One week on from cyclone in Timor-Leste
Children and families struggle to recover
UNICEF is supporting flood-affected families across the capital Dili, including in evacuation centers.
It has been a tough week for thousands of people living across Timor-Leste. A week after heavy rains brought on by a cyclone and resulting flooding and mudslides, hundreds of families have continued to remain in evacuation shelters, live under tents or hastily set up shelters, or struggle to recover lost items.
To date, there have been 46 reported deaths, several missing and at least 25,000 affected by floods or landslides.
“My husband and I had to carry our children through deep water in the pouring rain and darkness to rescue them from the flood waters,” said Leila Sarmento Lima from the Tasi Tolu or three lakes neighbourhood in Dili. She now stays with her four children in one of the evacuation centers. “We want to return home, but our house remains flooded.”
Dozens of houses remain submerged in the Tasi Tolu area. Flood waters have also submerged or contaminated wells. Hundreds of families living in three villages on the hills overlooking the picturesque lakes remain cut off from health centers, schools, markets and drinking water sources. Mudslides added to the destruction, damaging houses along the steep hillsides.
Twenty-four-year old nursing student Juliao da Cruz Castelhano woke up from a deep sleep around four a.m. on 4 April 2021, his mattress soaked and most of his other belongings in knee-deep water. Today, Juliano sleeps under a tarpaulin pegged up on a branch of a tree just out of the reach of flood waters that still submerge his house. The tarpaulin’s edges angle out at forty-five-degree angles to form a rudimentary tent, with his bed, an assortment of pots and pans, and a wooden shrine he and his sister managed to salvage from their flooded home. His sister now lives at the home of a relative.
“We lost a lot of our belongings, including all of my textbooks,” says Juliano. “I would need to get new books and other items when we can afford them.”
Duarte Sarmento cradles his eight-month-old son in a sling tied around his shoulder, watching as UNICEF and the Ministry of Health visited his village on the edge of the lake. “We managed to stay at home until the morning, and then moved to another house we have in the hills,” he said.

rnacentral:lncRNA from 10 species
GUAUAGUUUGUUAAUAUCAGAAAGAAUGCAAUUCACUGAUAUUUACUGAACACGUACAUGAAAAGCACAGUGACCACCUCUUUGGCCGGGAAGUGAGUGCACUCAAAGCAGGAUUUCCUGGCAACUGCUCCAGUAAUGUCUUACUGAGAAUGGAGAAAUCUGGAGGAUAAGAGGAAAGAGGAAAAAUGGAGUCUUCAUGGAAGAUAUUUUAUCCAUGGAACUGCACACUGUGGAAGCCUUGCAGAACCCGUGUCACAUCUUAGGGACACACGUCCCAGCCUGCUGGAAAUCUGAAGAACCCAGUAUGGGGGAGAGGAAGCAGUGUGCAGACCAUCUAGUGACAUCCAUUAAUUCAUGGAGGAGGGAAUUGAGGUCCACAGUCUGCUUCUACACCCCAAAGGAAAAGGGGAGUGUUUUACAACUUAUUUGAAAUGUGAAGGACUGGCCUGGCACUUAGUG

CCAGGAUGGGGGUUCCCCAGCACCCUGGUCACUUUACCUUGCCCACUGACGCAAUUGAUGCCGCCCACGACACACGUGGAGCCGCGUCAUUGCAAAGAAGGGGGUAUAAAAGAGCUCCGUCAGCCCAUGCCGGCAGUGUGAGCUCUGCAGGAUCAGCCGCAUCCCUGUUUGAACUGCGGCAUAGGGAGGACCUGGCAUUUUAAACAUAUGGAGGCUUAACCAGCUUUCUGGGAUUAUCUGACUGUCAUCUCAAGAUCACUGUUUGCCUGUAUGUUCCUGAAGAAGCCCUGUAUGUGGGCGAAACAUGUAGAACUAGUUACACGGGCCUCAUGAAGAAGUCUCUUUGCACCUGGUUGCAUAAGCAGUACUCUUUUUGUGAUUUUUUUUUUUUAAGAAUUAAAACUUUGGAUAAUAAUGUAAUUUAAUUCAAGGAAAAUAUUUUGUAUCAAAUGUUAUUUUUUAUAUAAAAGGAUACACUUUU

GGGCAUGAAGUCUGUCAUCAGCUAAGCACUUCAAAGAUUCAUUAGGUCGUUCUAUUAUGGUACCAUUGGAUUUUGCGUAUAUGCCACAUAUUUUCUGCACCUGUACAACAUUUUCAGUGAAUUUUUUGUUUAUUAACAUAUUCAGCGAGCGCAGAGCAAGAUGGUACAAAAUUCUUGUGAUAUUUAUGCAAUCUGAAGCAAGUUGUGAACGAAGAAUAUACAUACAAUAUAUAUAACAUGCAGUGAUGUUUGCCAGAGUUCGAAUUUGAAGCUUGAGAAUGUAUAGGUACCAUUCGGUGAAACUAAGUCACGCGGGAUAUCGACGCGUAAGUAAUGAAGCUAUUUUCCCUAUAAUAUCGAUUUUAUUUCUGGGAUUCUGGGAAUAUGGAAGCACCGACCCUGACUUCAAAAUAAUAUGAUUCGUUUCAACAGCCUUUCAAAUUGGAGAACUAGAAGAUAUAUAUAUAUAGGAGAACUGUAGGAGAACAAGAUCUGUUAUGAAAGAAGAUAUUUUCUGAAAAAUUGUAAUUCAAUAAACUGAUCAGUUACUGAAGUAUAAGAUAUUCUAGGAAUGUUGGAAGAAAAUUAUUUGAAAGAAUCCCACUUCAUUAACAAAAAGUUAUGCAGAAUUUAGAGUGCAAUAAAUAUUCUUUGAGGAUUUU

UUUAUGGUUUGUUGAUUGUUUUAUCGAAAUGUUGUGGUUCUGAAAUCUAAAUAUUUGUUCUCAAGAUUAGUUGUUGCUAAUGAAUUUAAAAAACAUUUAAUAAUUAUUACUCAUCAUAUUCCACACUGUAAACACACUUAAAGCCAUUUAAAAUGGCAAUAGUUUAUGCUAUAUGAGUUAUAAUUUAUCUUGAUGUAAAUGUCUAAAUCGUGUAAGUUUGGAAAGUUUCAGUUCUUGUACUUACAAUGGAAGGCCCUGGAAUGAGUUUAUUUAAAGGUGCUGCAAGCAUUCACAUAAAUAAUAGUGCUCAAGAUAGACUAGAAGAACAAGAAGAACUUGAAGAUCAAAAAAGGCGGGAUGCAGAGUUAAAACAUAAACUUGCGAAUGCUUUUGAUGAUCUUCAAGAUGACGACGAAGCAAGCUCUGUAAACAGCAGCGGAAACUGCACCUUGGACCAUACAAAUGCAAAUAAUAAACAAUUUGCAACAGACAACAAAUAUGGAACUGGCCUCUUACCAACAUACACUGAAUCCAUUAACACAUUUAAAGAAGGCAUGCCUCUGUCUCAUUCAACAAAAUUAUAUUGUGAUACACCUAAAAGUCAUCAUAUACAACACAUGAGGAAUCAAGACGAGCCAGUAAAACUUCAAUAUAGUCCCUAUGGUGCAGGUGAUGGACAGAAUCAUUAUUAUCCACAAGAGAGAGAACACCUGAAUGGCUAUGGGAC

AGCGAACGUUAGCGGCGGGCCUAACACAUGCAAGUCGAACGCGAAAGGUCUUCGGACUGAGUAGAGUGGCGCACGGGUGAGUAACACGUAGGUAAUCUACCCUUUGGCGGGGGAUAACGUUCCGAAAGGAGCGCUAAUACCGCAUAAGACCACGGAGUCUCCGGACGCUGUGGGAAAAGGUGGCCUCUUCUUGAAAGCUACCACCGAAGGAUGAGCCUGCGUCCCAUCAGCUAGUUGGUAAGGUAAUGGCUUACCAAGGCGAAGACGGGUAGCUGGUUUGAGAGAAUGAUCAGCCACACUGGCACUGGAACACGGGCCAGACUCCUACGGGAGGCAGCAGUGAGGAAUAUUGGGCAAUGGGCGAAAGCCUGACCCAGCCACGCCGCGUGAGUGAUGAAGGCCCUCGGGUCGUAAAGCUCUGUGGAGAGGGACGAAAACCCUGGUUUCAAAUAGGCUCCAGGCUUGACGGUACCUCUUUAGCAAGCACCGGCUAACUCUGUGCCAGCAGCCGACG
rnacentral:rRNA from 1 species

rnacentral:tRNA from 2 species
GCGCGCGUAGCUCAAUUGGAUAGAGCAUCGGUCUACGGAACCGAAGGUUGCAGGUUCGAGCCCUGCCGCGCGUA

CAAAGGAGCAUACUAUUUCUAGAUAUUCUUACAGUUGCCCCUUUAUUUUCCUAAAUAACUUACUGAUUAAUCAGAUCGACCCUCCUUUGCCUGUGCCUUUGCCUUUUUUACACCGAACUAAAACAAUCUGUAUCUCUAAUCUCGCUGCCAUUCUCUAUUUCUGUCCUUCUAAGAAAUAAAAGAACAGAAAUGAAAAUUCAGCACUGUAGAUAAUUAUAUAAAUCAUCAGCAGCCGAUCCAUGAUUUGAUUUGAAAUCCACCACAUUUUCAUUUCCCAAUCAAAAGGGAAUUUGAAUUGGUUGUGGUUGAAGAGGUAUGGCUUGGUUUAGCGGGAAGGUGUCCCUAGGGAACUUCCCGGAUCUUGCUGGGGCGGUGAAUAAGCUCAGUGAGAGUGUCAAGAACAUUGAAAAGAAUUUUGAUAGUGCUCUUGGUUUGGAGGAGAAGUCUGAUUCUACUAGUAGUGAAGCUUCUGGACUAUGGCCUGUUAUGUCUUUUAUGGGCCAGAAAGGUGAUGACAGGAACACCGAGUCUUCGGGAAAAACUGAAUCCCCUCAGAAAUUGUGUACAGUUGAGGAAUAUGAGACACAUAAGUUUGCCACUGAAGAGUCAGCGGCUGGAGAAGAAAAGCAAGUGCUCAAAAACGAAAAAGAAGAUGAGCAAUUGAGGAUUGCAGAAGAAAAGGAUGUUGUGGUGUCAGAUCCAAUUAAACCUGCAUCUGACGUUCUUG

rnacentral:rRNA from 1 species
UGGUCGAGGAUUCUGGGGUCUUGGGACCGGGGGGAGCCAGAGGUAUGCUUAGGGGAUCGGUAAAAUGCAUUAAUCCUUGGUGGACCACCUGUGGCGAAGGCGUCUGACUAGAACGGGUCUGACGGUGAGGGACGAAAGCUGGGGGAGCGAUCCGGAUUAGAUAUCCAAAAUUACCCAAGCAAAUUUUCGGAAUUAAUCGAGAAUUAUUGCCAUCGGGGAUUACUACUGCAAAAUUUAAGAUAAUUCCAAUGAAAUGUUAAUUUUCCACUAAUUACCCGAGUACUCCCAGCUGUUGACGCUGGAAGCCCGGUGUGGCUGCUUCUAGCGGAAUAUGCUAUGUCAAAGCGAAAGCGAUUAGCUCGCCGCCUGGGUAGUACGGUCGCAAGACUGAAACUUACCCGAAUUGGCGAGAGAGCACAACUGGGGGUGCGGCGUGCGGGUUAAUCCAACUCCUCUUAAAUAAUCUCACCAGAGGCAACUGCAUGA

UNICEF has provided several large water tanks, portable handwashing devices and other relief items to support families in Tasi Tolu. Several large tents have also been provided, where the Ministry of Health is setting up temporary facilities to provide healthcare and nutrition screening. The World Food Programme has provided trucks for logistics support, United Nations Development Programme has supported the filling of water tanks and United Nations Population Fund has provided dignity and sanitary kits.
Elsewhere across the city, families continue to clean layers of mud and debris, repair homes, or dry mattresses, clothes and other items in front yards or on the side of the streets.
Across the city of over 200,000 people, UNICEF has deployed staff and supplies since 4 April. UNICEF staff have been organizing and distributing relief supplies to evacuation centers where families fled to when their houses and neighbourhoods were flooded.
UNICEF has also set up Child Friendly Spaces at eleven evacuation centers, provided recreation kits to help ensure children continue structured learning or play at the centers, 2000 mats, over 90 tarpaulins, 1900 blankets, 880 sets of cleaning kits, 570 jerry cans, children’s clothes and toys, diapers, baby carriers and blankets, over 2500 bottles of water, over 400 boxes of face masks so people can practice COVID-19 prevention measures, 200 children’s school bags and material and child-friendly mosquito repellent. UNICEF has also set up 12 portable toilets in evacuation centers and some communities.
UNICEF is also coordinating the education response with the Ministry of Health and a number of partners, leads the Child Protection Working Group and supporting the Gender and Protection Working Group. UNICEF is also supporting the ongoing assessments of schools damaged or destroyed by the rain, floods and landslides.
Assessments are ongoing in other areas. UNICEF has pre-positioned supplies to support families in other municipalities and will be deploying these items to support the national response, and is working with the Government of Timor-Leste, UN Agencies and partners on preparing to support medium and long-term needs.